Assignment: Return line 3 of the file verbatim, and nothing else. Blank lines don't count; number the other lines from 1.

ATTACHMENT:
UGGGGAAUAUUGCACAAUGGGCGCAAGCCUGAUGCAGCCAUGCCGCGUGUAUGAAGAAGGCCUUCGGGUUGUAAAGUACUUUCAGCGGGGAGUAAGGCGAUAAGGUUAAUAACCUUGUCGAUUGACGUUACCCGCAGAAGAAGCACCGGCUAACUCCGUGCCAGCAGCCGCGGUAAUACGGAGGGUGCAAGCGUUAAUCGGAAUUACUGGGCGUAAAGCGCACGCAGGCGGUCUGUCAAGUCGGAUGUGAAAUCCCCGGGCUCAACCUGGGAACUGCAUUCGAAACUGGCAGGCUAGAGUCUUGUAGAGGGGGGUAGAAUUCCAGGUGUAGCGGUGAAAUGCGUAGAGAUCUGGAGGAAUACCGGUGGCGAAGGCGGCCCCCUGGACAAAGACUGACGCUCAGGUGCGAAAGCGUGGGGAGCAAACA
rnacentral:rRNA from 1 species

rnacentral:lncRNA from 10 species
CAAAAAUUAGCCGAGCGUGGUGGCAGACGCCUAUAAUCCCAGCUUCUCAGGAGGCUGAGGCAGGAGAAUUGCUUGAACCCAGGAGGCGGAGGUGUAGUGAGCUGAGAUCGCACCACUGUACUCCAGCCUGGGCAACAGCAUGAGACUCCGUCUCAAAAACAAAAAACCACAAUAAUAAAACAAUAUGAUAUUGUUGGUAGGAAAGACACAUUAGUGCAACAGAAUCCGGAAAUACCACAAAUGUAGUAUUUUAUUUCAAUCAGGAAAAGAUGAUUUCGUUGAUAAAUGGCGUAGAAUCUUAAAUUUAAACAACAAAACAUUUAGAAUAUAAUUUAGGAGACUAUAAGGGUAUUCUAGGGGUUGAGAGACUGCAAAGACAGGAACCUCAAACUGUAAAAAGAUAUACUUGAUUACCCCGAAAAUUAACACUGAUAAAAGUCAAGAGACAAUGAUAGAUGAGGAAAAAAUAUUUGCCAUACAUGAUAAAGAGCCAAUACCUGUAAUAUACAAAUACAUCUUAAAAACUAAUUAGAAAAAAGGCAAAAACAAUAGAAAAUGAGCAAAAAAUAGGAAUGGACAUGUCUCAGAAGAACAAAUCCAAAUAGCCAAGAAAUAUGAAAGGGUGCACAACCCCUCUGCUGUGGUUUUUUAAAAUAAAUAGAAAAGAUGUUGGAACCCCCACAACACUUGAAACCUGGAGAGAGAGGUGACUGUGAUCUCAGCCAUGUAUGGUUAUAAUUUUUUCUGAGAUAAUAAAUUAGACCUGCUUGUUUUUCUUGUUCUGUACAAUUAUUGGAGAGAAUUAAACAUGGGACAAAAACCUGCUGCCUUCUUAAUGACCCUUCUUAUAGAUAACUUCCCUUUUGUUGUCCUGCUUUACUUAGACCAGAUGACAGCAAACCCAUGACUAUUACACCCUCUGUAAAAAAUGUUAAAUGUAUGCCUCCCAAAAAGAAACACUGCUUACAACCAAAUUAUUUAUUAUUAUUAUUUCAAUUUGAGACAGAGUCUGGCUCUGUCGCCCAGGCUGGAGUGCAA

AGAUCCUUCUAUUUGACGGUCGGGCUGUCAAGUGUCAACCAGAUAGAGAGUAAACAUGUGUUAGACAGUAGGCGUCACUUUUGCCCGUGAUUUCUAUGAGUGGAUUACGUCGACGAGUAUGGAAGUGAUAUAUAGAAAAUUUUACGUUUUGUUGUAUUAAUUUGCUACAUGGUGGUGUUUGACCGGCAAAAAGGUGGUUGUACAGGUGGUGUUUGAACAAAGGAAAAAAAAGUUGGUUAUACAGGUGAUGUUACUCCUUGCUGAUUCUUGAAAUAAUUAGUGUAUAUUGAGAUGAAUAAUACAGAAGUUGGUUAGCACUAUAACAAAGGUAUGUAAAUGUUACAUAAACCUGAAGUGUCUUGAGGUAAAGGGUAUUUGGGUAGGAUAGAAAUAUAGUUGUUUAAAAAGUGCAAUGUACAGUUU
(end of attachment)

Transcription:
rnacentral:lncRNA from 10 species